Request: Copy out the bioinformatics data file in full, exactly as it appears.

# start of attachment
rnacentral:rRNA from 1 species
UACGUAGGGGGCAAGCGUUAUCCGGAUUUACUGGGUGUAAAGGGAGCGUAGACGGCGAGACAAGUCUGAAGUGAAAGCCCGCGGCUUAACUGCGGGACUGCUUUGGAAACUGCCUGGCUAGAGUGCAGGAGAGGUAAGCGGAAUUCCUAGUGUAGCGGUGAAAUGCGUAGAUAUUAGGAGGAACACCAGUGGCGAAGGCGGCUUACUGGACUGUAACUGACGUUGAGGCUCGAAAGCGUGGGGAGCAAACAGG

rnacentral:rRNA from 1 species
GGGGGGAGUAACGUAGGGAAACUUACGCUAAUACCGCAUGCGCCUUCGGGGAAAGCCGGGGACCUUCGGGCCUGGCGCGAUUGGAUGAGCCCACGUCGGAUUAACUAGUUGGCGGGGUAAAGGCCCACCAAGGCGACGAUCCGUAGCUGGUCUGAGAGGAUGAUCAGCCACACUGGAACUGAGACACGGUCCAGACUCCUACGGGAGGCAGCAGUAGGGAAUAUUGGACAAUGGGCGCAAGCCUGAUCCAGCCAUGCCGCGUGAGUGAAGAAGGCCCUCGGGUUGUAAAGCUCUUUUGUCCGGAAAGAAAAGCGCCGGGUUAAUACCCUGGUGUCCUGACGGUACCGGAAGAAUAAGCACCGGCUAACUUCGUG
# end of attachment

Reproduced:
rnacentral:rRNA from 1 species
UACGUAGGGGGCAAGCGUUAUCCGGAUUUACUGGGUGUAAAGGGAGCGUAGACGGCGAGACAAGUCUGAAGUGAAAGCCCGCGGCUUAACUGCGGGACUGCUUUGGAAACUGCCUGGCUAGAGUGCAGGAGAGGUAAGCGGAAUUCCUAGUGUAGCGGUGAAAUGCGUAGAUAUUAGGAGGAACACCAGUGGCGAAGGCGGCUUACUGGACUGUAACUGACGUUGAGGCUCGAAAGCGUGGGGAGCAAACAGG

rnacentral:rRNA from 1 species
GGGGGGAGUAACGUAGGGAAACUUACGCUAAUACCGCAUGCGCCUUCGGGGAAAGCCGGGGACCUUCGGGCCUGGCGCGAUUGGAUGAGCCCACGUCGGAUUAACUAGUUGGCGGGGUAAAGGCCCACCAAGGCGACGAUCCGUAGCUGGUCUGAGAGGAUGAUCAGCCACACUGGAACUGAGACACGGUCCAGACUCCUACGGGAGGCAGCAGUAGGGAAUAUUGGACAAUGGGCGCAAGCCUGAUCCAGCCAUGCCGCGUGAGUGAAGAAGGCCCUCGGGUUGUAAAGCUCUUUUGUCCGGAAAGAAAAGCGCCGGGUUAAUACCCUGGUGUCCUGACGGUACCGGAAGAAUAAGCACCGGCUAACUUCGUG